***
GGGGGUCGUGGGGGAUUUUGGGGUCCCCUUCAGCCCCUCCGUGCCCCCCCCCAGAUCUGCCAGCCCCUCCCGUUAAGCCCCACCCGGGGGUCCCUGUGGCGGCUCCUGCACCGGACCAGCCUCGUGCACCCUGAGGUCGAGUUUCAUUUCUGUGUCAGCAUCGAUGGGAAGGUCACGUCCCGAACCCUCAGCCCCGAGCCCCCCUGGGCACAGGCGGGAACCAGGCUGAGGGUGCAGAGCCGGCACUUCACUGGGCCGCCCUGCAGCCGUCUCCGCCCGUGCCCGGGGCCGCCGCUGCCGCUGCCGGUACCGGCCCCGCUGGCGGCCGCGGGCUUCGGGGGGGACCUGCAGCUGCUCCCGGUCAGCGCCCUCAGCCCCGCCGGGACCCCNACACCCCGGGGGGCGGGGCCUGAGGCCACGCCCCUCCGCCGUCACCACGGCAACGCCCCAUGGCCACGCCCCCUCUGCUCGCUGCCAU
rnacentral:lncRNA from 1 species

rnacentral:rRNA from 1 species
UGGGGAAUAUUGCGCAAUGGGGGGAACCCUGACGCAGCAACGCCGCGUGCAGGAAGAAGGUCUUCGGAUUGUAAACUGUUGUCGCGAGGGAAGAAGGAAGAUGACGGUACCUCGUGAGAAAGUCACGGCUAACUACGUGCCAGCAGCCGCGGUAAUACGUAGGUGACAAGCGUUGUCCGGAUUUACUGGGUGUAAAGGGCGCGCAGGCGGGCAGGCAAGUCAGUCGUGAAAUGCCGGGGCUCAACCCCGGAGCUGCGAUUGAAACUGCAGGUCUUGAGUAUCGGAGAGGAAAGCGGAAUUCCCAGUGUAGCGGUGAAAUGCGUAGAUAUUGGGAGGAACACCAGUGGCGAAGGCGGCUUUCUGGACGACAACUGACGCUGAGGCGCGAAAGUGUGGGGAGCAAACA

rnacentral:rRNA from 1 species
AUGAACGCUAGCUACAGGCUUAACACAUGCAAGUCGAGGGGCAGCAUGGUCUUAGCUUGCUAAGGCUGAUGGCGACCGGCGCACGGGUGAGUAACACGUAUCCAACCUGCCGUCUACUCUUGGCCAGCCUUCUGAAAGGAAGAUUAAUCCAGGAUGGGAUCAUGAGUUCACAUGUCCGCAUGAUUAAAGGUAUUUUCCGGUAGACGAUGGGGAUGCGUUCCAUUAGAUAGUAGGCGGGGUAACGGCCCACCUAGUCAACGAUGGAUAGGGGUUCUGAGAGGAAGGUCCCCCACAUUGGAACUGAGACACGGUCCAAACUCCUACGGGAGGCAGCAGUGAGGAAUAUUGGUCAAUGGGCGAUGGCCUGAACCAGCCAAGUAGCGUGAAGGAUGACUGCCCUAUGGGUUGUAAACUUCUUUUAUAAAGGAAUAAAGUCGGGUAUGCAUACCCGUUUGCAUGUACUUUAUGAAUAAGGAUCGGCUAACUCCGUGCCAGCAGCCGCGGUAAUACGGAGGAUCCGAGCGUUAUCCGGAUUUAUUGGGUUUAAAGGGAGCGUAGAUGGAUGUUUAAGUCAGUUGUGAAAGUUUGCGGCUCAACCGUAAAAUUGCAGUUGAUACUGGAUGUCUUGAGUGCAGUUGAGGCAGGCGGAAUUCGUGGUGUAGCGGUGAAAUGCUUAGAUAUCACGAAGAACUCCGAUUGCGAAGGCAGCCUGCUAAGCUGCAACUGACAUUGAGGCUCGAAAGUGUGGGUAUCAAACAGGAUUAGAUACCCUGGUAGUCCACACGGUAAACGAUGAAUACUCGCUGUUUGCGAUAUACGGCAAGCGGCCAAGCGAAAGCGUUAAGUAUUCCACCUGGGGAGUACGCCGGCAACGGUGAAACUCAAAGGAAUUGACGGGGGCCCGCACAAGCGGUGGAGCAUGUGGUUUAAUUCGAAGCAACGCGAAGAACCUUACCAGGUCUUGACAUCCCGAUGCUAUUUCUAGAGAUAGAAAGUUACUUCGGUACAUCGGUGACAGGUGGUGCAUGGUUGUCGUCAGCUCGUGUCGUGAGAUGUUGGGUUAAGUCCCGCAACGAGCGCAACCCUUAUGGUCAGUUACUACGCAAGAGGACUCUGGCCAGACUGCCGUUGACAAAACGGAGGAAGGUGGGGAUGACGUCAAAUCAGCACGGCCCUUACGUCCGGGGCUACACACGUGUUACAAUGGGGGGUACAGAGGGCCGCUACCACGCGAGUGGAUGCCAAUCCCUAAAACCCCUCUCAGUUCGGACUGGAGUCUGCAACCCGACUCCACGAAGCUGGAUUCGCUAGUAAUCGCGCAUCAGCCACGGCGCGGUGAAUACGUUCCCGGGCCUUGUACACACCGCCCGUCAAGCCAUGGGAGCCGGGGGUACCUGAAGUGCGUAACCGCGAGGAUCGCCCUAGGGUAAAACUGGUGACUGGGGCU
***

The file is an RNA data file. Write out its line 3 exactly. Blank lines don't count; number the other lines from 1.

rnacentral:rRNA from 1 species